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Burnt tops of Aubretia with Growmore

I put down Growmore on my young Aubretia plants and it has burnt them, all to various degrees, do I need to cut back to soil or they will recover again.

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  • Pete.8Pete.8 Posts: 11,288
    Growmore should be spread around any plants it's given to.
    Any granules that fall on the leaves or stem will cause chemical burns.
    So long as you haven't overfed I imagine the plants will recover, but if you can post a photo that may help us advise on the best course of action

    Billericay - Essex

    Knowledge is knowing that a tomato is a fruit.
    Wisdom is not putting it in a fruit salad.
  • JennyJJennyJ Posts: 10,430
    Then leaves that are burnt won't turn green again but the plants should survive and grow new ones if you used the right amount of growmore for the area, and not too much.
    For next year, with most fertilisers and suchlike, it's better to use a bit less if in doubt - you can always add more if necessary, but I don't use growmore myself so I don't know what the recommended dosage is. I have in my head that it's a high-nitrogen feed for using earlier in the growing season (spring/summer) but I could be wrong there - it should be on the instructions somewhere, with the dosage.
    Doncaster, South Yorkshire. Soil type: sandy, well-drained
  • Thank you, will do, I wondered that, but as I have 150 feet of wall, I just scattered it. Lukily we have has over 2 inches of rain since. I had cut them all back to start fresh again in August, so thought give them a boost. 
  • Jac19Jac19 Posts: 496
    edited October 2021
    I don't use it.  I prefer Fish, Blood, and Bone because it is natural.  I have been warned not to overuse even that, and that it could burn the plants if I do.

    Growmore information warns: "*Westland Growmore is not recommended for use on ericaceous/ lime-hating/ acid-loving plants. To be used only where there is a recognised need."

    Is yours that kind of plant?
  • FairygirlFairygirl Posts: 54,817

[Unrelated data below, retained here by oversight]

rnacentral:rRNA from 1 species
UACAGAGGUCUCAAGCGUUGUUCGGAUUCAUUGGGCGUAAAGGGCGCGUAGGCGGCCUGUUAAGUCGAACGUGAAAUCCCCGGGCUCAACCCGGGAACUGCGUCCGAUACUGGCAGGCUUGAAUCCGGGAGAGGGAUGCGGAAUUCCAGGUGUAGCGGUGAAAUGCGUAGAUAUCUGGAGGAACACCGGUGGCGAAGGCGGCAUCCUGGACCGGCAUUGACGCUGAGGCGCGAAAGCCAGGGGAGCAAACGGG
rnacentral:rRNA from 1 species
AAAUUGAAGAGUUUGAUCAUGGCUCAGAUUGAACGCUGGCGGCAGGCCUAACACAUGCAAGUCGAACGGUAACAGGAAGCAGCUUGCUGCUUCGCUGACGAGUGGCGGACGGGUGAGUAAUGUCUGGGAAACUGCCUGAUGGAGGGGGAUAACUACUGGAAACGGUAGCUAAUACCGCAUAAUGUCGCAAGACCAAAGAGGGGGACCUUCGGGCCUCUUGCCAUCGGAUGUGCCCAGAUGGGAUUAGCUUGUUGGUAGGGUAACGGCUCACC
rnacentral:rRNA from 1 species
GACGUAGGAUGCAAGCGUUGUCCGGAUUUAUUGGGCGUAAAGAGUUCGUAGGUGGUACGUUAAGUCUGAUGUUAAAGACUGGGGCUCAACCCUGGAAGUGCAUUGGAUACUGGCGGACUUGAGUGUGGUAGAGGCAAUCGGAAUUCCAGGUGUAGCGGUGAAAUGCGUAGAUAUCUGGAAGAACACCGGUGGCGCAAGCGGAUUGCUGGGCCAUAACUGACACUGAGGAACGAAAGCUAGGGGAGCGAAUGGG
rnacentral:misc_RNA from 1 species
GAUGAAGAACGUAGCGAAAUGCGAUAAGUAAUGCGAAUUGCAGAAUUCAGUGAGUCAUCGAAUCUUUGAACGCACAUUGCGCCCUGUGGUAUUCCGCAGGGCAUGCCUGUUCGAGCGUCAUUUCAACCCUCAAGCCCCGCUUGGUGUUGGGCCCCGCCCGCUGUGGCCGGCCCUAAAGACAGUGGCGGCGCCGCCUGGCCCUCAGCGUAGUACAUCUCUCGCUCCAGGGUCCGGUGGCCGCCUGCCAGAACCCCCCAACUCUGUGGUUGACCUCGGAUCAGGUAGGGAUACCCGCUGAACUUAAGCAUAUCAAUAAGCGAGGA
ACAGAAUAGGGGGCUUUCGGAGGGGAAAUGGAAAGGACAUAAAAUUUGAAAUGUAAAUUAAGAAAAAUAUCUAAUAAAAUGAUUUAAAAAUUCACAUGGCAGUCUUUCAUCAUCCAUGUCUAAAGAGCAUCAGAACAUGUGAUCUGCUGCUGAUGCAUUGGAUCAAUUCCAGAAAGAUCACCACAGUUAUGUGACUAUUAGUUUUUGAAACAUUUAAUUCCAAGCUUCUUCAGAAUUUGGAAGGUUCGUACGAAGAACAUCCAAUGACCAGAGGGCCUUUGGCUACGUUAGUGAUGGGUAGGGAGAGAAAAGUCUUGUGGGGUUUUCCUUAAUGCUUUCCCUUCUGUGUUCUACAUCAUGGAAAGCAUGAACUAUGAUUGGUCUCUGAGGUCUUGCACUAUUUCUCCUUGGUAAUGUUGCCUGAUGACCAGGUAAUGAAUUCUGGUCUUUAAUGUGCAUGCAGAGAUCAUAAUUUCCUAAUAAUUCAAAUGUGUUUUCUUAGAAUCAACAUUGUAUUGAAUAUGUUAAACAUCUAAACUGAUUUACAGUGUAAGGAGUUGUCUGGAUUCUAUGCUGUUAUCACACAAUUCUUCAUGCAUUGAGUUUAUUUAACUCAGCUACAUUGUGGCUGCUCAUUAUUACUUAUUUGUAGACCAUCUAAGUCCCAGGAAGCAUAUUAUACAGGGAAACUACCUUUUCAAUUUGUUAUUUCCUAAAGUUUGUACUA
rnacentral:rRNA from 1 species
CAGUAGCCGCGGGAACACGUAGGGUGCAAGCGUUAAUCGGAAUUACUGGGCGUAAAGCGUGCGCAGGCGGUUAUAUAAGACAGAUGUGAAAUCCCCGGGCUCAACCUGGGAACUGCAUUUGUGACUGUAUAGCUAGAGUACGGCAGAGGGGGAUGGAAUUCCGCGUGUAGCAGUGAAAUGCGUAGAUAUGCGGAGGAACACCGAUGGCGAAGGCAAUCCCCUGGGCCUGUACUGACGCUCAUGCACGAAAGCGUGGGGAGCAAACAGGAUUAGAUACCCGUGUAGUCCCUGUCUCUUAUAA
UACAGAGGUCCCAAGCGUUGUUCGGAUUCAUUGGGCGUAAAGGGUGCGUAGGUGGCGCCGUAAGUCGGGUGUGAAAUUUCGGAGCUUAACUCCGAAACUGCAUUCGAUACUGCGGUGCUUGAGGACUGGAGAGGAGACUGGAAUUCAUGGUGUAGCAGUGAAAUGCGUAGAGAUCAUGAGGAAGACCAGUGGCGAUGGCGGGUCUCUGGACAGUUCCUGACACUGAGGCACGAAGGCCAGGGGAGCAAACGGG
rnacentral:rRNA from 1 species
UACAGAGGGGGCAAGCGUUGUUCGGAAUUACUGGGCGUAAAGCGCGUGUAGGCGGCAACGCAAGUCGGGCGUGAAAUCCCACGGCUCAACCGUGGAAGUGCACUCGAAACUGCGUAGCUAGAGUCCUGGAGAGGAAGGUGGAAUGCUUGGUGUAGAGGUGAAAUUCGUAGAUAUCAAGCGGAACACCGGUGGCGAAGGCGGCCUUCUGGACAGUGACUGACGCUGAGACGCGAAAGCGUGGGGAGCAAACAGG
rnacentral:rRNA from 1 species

edited October 2021
    The rain will help disperse it @derekjjbrooksjYdThrqc, and they're tough plants, so they should manage. Hopefully, you'll get a good amount soon if you're in a drier area, as auutumn/winter sets in a bit more.  :)
    Aubretia rarely need fed at all, as they do best in poorer conditions, so it's better to just add a bit of spent compost or similar round them. That's plenty of nourishment  :)
    It's a place where beautiful isn't enough of a word....



    I live in west central Scotland - not where that photo is...
  • Pete.8Pete.8 Posts: 11,288
    I'd guess they will probably recover - but that's a LOT of Growmore you've put down - way too much.
    I use blood, fish and bone on many plants in the spring - it's much safer then growmore and unlikely to burn plants. It also deliver nutrients over a period of about 6 weeks.
    There's no need to give plants a 'boost' in the autumn - they're closing down for winter - spring it's when it may be needed but there are plenty of plants that thrive better on poor soil

    Billericay - Essex

    Knowledge is knowing that a tomato is a fruit.
    Wisdom is not putting it in a fruit salad.
  • Jac19Jac19 Posts: 496
    edited October 2021
    There's no need to give plants a 'boost' in the autumn - they're closing down for winter - spring it's when it may be needed but there are plenty of plants that thrive better on poor soil

    Hopefully, the plants will go inactive soon and when they wake up in the spring, the growmore will have dissolved and dispersed from all the rain and the thawing snow, if we have any.  They will wake up and think: "Ha, lots of nutrition, but not too much," and grow very happily.
  • FairygirlFairygirl Posts: 54,817
    They're tough plants, and that should disperse, well before they flower in April or thereabouts. 
    Just don't be in a hurry to feed them again @derekjjbrooksjYdThrqc  ;)

    A tiny sprinkle of B,F&B is all that's needed for many plants, but those really need nothing. They're generally regarded as alpines, and therefore need no assistance.  :)
    It's a place where beautiful isn't enough of a word....



    I live in west central Scotland - not where that photo is...
  • Thank you everyone, yes I did given my 150 feet of wall a good sprinkle. I decided this afternoon to cut them back, and surprisingly, once you get past the top burnt section they are really green. Things grow funny in Cornwall, mild, lasy year they flowered again in November, and then May. So fingers crossed with mild temps and lots of rain forecast they will get going again. Wont be using that again.

  • FairygirlFairygirl Posts: 54,817
    They'll be fine then. Plenty of moisture down there, especially over winter. You're not so likely to get cold enough temps to affect the new growth either, so they should come away well  Not surprising you get a later flush of flowers too. :)

    Keep the Growmore for other things  ;)  
    It's a place where beautiful isn't enough of a word....



    I live in west central Scotland - not where that photo is...
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